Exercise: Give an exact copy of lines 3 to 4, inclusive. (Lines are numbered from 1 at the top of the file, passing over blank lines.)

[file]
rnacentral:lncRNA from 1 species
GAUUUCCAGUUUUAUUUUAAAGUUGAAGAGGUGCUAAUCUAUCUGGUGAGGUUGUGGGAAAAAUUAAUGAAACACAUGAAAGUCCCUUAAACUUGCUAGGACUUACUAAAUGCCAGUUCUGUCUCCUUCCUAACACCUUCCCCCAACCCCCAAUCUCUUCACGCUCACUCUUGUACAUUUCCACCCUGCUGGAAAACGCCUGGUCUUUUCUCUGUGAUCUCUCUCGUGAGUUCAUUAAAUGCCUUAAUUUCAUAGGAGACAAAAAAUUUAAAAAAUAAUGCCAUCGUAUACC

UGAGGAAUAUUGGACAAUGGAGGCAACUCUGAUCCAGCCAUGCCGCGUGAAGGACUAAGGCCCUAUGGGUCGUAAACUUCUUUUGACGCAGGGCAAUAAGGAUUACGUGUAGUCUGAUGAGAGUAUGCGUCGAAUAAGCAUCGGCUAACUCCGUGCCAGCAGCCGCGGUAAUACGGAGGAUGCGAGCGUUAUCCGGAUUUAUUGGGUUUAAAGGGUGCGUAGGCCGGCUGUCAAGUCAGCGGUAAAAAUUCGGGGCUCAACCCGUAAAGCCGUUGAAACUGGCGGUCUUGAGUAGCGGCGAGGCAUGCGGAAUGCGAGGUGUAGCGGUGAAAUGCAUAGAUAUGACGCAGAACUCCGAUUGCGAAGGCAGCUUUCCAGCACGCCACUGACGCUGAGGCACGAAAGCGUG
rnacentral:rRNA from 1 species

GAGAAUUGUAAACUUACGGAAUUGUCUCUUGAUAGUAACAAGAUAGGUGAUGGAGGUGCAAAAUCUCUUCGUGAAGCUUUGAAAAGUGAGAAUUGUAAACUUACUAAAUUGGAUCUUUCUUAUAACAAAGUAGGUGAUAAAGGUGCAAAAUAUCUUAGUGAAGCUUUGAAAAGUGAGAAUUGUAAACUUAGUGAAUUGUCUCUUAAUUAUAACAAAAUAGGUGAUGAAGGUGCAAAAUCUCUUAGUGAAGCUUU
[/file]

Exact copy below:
UGAGGAAUAUUGGACAAUGGAGGCAACUCUGAUCCAGCCAUGCCGCGUGAAGGACUAAGGCCCUAUGGGUCGUAAACUUCUUUUGACGCAGGGCAAUAAGGAUUACGUGUAGUCUGAUGAGAGUAUGCGUCGAAUAAGCAUCGGCUAACUCCGUGCCAGCAGCCGCGGUAAUACGGAGGAUGCGAGCGUUAUCCGGAUUUAUUGGGUUUAAAGGGUGCGUAGGCCGGCUGUCAAGUCAGCGGUAAAAAUUCGGGGCUCAACCCGUAAAGCCGUUGAAACUGGCGGUCUUGAGUAGCGGCGAGGCAUGCGGAAUGCGAGGUGUAGCGGUGAAAUGCAUAGAUAUGACGCAGAACUCCGAUUGCGAAGGCAGCUUUCCAGCACGCCACUGACGCUGAGGCACGAAAGCGUG
rnacentral:rRNA from 1 species